You have deposed before the Parliamentary Standing Committee on Law and Justice on the Judicial Appointments Bill. Tell us about your experience.

Being given an opportunity to depose before the Committee restored my faith in Indian democracy. I wrote a 20 page memo to the Committee, with suggestions on how they could improve the functioning of the proposed National Judicial Appointments Commission. I appeared before the Committee and had the opportunity to interact with the likes of Ram Vilas Paswan, who I must say is one of the most articulate politicians I have come across. The Chairman of the Committee sought me out after the proceedings and complimented me on my performance. It’s an experience that I look back on very fondly.

 

You have various publications in academic journals and news organizations. What skills should one develop to write good research papers and articles?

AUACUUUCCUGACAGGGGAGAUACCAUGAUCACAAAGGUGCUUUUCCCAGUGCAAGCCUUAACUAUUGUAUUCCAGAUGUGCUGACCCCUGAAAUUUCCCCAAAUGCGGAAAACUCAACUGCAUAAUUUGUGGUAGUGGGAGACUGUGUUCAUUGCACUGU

The only way you can become a better writer is by writing continuously. If you think it, write about it. And make sure you get published. Only when you publish can you gauge what the wider world thinks of your writing, as feedback is invaluable. I write an email with the same amount of thought and effort that I put into writing an article for Scroll or The Hindu. Everything you write should pay homage to the printed word, which is a thing of beauty. Even when I use Whatsapp, I craft my messages carefully!

 

You have recently been appointed Dean at IFIM Law College. Tell us about your plans for the law school going forward.

I am trying to implement everything I learnt in the U.K. at IFIM Law College with the support and guidance of the founder Mr. Sanjay Padode and the Principal Dr. Venugopal. Two things distinguish IFIM Law College are our emphasis on mooting from the first year itself and obtaining internships for each one of our students. We have developed a vibrant mooting culture, and each of our students has taken part in domestic and international moots. We have been able to obtain internships for almost all of our students four weeks before the start of the internship cycle.